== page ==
Wednesday, September 18, 2013

The City Walls of Krems

I have been wondering for a long time who paid for the construction of the city wall of Krems in Lower Austria. I recently found a news report from 2002 that discusses the planned renovation of the old city wall and gives the context of original construction as the the reign of Emperor Friedrich III, specifically 1477 to 1480.

Now that the funding situation is clarified, the context needs to be taken into consideration. A look at the chronicle of the museum of Lower Austria shows that, while Friedrich's control of Lower Austria was continuously contested during his reign, partially by his younger brother Albrecht VI, partially by his neighbor Matthias Corvinus, Friedrich III persistently invested into the economic improvements of Lower Austria. He gave salt trading rights to Retz (1458) and made Wei├čenkirchen into a market (1459) for the Wachau. Despite his brother Abrecht VI having nominal control over Lower Austria since December of 1462, Friedrich gave the right to deposit goods (Niederlagsrecht) to Stein and Krems and to trade Venitian goods via Mariazell. He also granted improvements to the coat of arms for Stein and Krems in 1463, as well as the right to construct a bridge between Krems and Mautern on the southern bank of the Danube (which got its coat of arms from Friedrich in 1467).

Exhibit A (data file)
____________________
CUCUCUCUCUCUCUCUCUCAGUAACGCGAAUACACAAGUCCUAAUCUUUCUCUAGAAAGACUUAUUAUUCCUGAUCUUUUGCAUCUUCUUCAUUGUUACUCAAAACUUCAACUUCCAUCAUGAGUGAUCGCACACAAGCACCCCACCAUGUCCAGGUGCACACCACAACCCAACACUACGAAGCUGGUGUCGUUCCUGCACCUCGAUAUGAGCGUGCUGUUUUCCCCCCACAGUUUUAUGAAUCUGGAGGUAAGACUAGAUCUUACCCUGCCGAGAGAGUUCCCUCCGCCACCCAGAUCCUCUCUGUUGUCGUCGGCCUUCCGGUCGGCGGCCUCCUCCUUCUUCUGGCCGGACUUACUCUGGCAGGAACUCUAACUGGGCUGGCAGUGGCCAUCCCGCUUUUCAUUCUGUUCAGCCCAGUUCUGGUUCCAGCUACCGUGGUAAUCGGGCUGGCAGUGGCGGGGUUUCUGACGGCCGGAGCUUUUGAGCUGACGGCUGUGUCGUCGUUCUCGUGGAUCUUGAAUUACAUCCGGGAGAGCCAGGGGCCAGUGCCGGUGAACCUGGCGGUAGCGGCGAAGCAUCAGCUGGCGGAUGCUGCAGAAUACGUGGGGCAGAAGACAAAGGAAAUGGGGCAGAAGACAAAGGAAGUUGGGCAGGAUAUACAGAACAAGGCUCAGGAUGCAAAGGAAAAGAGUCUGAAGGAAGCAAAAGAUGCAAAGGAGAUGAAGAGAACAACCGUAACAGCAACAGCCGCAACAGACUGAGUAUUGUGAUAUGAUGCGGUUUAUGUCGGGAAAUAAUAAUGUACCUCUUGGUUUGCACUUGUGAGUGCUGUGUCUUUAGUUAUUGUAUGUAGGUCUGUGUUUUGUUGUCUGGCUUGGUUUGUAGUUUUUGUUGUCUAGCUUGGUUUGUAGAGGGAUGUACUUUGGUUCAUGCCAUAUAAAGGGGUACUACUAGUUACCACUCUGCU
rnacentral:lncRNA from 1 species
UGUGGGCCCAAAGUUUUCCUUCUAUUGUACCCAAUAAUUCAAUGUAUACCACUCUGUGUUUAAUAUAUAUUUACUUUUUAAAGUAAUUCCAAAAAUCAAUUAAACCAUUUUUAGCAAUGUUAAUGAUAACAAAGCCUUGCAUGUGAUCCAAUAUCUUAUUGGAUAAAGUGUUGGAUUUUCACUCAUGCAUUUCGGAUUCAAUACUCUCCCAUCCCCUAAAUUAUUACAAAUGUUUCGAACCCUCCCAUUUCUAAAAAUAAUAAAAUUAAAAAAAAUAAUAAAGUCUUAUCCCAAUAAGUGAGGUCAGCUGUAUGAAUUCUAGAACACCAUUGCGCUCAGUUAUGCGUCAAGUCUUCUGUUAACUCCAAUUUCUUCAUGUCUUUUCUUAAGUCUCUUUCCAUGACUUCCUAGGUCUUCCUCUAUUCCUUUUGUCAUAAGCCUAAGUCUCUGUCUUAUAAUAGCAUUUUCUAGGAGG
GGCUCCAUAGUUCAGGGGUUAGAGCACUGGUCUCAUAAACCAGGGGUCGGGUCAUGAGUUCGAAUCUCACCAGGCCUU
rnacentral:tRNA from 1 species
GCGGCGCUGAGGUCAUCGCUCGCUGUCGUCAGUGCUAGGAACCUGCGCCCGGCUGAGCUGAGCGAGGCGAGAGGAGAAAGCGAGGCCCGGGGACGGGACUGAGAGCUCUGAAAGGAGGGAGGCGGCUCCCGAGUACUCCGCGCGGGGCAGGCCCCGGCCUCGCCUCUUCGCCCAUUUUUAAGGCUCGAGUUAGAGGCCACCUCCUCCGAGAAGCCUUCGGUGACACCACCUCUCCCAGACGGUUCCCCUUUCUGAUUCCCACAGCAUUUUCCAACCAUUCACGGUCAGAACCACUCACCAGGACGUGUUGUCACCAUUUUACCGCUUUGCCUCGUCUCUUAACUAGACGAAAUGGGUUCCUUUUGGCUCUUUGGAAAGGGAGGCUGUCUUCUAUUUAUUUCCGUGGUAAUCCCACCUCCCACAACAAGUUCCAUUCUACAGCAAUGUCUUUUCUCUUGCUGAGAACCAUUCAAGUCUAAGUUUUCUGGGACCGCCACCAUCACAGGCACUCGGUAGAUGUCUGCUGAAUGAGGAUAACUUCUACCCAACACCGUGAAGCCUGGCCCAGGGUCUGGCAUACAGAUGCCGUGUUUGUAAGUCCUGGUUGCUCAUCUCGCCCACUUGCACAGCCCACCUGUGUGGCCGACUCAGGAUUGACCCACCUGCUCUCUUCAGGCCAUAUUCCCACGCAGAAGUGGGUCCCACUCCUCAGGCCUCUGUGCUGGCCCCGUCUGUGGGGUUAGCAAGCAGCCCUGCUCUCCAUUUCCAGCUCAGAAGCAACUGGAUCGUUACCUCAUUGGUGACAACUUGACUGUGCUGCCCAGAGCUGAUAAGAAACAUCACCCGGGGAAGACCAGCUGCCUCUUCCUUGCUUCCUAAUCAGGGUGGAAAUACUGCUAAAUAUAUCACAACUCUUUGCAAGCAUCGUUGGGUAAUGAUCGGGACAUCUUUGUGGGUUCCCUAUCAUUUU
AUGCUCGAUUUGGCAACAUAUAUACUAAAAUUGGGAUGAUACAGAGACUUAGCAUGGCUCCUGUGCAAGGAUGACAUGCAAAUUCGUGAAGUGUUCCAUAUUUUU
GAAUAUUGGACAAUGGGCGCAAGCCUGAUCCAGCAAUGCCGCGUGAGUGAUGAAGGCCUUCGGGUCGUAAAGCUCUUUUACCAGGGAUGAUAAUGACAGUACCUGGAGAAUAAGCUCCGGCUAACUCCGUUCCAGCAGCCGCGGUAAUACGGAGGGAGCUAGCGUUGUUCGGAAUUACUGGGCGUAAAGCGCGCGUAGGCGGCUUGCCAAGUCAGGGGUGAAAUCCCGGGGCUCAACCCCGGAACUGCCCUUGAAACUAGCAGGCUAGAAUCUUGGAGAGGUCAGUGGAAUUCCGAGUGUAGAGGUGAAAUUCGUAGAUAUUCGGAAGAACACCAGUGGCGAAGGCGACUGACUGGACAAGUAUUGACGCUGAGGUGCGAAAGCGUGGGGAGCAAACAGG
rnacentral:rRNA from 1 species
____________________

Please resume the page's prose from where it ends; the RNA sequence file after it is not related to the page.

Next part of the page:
By December of 1463, Albrecht VI had died and the estates recognized Friedrich III as the ruler of Lower Austria. However, 1476 Matthias Corvinus captured the eastern part of Lower Austria, and only the Peace of Korneuburg and Gmunden of 1477 quelled the competition, until the war broke out again in 1482. So the fortification of Krems belongs into two contexts, the preparations of Friedrich III for more hostility with respect to Lower Austria, and the general development of the geographic base of the Hapsburg empire.

Sunday, September 1, 2013

The Role of the Heroic Ideal in Command and Control

After a few days of poring over Beowulf interpretations, it occurred to me that the importance of the heroic ideal is insufficiently discussed or understood. Specifically, if the oral tradition theory is correct that only what is important will be passed on down, then there could be something that is functionally important with respect to the heroic ideal. So what function does the heroic ideal (of fighting loyally to the very death, even against insurmountable odds) fulfill?

Well, some things come to mind:
  • Command and control for large scale operations. It takes days to pull together levies and armies in the age before top down nation army organization. But if everyone wanders off again when the troop sizes are not large enough yet, then no army will ever assemble. Sitting around and waiting for more to show up is a pretty disconcerting sensation, I would wager.
  • Command and control for specific engagements. And the Battle of Maldon where the local levy breaks and runs away is a nice example of the problem the heroic ideal is trying to avoid.
So the battle leader of the type of Hrothgar has to have some tool at hand that he can use to keep the groups together as formations larger than the commitatus operate. (Beowulf's final encounter with the dragon shows that the thanes part can be tricky too.)

This still leaves open how the tool of the heroic ideal achieves this, but that is a separate research question.